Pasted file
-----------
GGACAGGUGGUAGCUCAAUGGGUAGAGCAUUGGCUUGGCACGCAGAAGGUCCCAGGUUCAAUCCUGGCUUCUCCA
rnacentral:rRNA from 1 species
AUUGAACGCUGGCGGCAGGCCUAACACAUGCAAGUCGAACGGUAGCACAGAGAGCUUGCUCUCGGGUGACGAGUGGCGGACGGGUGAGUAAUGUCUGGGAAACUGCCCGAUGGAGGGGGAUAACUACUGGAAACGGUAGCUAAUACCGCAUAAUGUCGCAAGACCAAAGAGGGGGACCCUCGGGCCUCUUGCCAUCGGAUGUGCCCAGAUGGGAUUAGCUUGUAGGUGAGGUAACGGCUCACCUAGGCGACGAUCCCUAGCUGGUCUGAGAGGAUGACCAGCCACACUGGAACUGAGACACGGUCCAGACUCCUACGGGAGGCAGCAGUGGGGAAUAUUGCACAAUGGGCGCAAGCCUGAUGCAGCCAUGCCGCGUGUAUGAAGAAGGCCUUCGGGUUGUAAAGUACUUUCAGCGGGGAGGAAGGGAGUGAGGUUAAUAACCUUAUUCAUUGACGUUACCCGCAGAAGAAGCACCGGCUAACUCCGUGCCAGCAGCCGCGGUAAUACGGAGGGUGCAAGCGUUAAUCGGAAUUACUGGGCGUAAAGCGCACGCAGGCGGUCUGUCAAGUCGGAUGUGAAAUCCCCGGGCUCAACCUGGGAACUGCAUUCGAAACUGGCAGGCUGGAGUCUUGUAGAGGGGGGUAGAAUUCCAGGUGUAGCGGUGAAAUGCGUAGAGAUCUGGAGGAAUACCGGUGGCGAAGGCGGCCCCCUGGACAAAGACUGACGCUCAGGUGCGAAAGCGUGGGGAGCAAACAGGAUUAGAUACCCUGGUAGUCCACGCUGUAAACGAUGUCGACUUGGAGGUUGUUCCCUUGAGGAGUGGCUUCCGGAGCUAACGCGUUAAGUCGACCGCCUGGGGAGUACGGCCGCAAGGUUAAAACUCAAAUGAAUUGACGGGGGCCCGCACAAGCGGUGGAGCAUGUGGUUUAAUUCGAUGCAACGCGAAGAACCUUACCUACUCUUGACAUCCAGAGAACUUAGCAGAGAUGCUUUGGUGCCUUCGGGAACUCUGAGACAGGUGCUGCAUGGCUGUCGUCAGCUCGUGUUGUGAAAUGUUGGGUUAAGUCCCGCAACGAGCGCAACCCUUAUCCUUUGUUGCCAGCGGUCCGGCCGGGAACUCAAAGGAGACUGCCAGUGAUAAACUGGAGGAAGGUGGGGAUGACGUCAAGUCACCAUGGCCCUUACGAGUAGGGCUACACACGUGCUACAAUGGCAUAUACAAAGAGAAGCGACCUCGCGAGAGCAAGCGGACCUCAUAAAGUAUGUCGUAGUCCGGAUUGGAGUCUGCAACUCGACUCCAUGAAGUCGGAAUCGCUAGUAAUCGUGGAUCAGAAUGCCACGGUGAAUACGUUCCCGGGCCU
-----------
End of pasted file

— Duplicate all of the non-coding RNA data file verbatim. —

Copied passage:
GGACAGGUGGUAGCUCAAUGGGUAGAGCAUUGGCUUGGCACGCAGAAGGUCCCAGGUUCAAUCCUGGCUUCUCCA
rnacentral:rRNA from 1 species
AUUGAACGCUGGCGGCAGGCCUAACACAUGCAAGUCGAACGGUAGCACAGAGAGCUUGCUCUCGGGUGACGAGUGGCGGACGGGUGAGUAAUGUCUGGGAAACUGCCCGAUGGAGGGGGAUAACUACUGGAAACGGUAGCUAAUACCGCAUAAUGUCGCAAGACCAAAGAGGGGGACCCUCGGGCCUCUUGCCAUCGGAUGUGCCCAGAUGGGAUUAGCUUGUAGGUGAGGUAACGGCUCACCUAGGCGACGAUCCCUAGCUGGUCUGAGAGGAUGACCAGCCACACUGGAACUGAGACACGGUCCAGACUCCUACGGGAGGCAGCAGUGGGGAAUAUUGCACAAUGGGCGCAAGCCUGAUGCAGCCAUGCCGCGUGUAUGAAGAAGGCCUUCGGGUUGUAAAGUACUUUCAGCGGGGAGGAAGGGAGUGAGGUUAAUAACCUUAUUCAUUGACGUUACCCGCAGAAGAAGCACCGGCUAACUCCGUGCCAGCAGCCGCGGUAAUACGGAGGGUGCAAGCGUUAAUCGGAAUUACUGGGCGUAAAGCGCACGCAGGCGGUCUGUCAAGUCGGAUGUGAAAUCCCCGGGCUCAACCUGGGAACUGCAUUCGAAACUGGCAGGCUGGAGUCUUGUAGAGGGGGGUAGAAUUCCAGGUGUAGCGGUGAAAUGCGUAGAGAUCUGGAGGAAUACCGGUGGCGAAGGCGGCCCCCUGGACAAAGACUGACGCUCAGGUGCGAAAGCGUGGGGAGCAAACAGGAUUAGAUACCCUGGUAGUCCACGCUGUAAACGAUGUCGACUUGGAGGUUGUUCCCUUGAGGAGUGGCUUCCGGAGCUAACGCGUUAAGUCGACCGCCUGGGGAGUACGGCCGCAAGGUUAAAACUCAAAUGAAUUGACGGGGGCCCGCACAAGCGGUGGAGCAUGUGGUUUAAUUCGAUGCAACGCGAAGAACCUUACCUACUCUUGACAUCCAGAGAACUUAGCAGAGAUGCUUUGGUGCCUUCGGGAACUCUGAGACAGGUGCUGCAUGGCUGUCGUCAGCUCGUGUUGUGAAAUGUUGGGUUAAGUCCCGCAACGAGCGCAACCCUUAUCCUUUGUUGCCAGCGGUCCGGCCGGGAACUCAAAGGAGACUGCCAGUGAUAAACUGGAGGAAGGUGGGGAUGACGUCAAGUCACCAUGGCCCUUACGAGUAGGGCUACACACGUGCUACAAUGGCAUAUACAAAGAGAAGCGACCUCGCGAGAGCAAGCGGACCUCAUAAAGUAUGUCGUAGUCCGGAUUGGAGUCUGCAACUCGACUCCAUGAAGUCGGAAUCGCUAGUAAUCGUGGAUCAGAAUGCCACGGUGAAUACGUUCCCGGGCCU